Last week the Ministry
published a list of points to be covered by the forthcoming amendment to the
Polish Gambling Act, with IP and payment blocking a key point. This will be
used to target operators that have not obtained a licence to offer their
services to players in Poland, helping to increase market share for licensed
The regulator believes
that this will ensure a higher level of protection for players, explaining that
“only lawful operators guarantee offering games in a safe and responsible
New controls for slot
machines have also been suggested, with the operation of slots to be
restricted to a designated monopoly operator.
“Slot games are extremely
addictive for gamers and it is therefore necessary solution to ensure special
protection for players,” the Ministry said. “Slot machine games will be able to
be offered only in dedicated controlled areas and will not be available for
those under 18 years of age.”
The Ministry also
pledged to “tighten penalties relating to the violation of the law on
gambling”, although it did not set out details of the penalties.
operators will be subject to more severe consequences, which will hamper their
operations and thus increase the market share of legal entities offering
gambling,” it said.
Poker will also be
liberalised, both offline and online. Companies will be permitted to organise
poker games outside casinos, with the rules for organising such games
to be simplified.
Finally, the Ministry
aims to cut red tape for companies directly supervising and operating gambling
games. Previously, employees were required to pass professional exams, though
this will be scrapped and replaced by training obligations for staff. This, the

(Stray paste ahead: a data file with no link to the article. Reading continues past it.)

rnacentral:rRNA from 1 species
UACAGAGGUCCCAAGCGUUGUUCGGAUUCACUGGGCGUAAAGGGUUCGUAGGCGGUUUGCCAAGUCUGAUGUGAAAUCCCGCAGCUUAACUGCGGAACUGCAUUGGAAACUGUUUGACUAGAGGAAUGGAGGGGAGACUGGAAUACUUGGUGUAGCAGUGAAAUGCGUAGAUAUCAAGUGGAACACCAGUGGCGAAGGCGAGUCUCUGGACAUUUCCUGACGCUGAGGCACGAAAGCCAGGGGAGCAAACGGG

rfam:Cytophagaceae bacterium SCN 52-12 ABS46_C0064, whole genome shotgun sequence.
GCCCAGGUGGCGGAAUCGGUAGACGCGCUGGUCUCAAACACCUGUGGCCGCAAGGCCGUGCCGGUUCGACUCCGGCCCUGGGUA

Ministry says, will reduce the cost of doing business.
The proposals have
been published after the country’s deputy Prime Minister Jarosław Gowin, a
member of the minority Polska Razem party, issued separate
proposals. These also included the possibility of legalising poker, but
set a 20 per cent gross gaming tax on sports betting to replace the
current 12 per cent turnover tax.
The Ministry of
Finance’s proposal, put forward by the government’s majority Law and Justice
Party (PIS), is more likely to pass into law.
“In the opinion of the
Ministry of Finance the above proposals represent a compromise between ensuring
the highest possible level of protection for players from the negative effects
of gambling (including by limiting the ‘gray zone’) and the guarantee of the
existence of a transparent and well functioning market for legal gambling,” the
The project was
submitted for departmental consultations and aims to bring in the new controls
from January 1st, 2017. However, law firm DLA Piper notes that this time frame
is “quite challenging” as it fails to take into account the European Commission
notification process, which it believes may take longer than three months.
“Another question mark
is whether there will be any transitional period for operators to adjust their
activities and apply for licences under the new regime,” DLA Piper adds.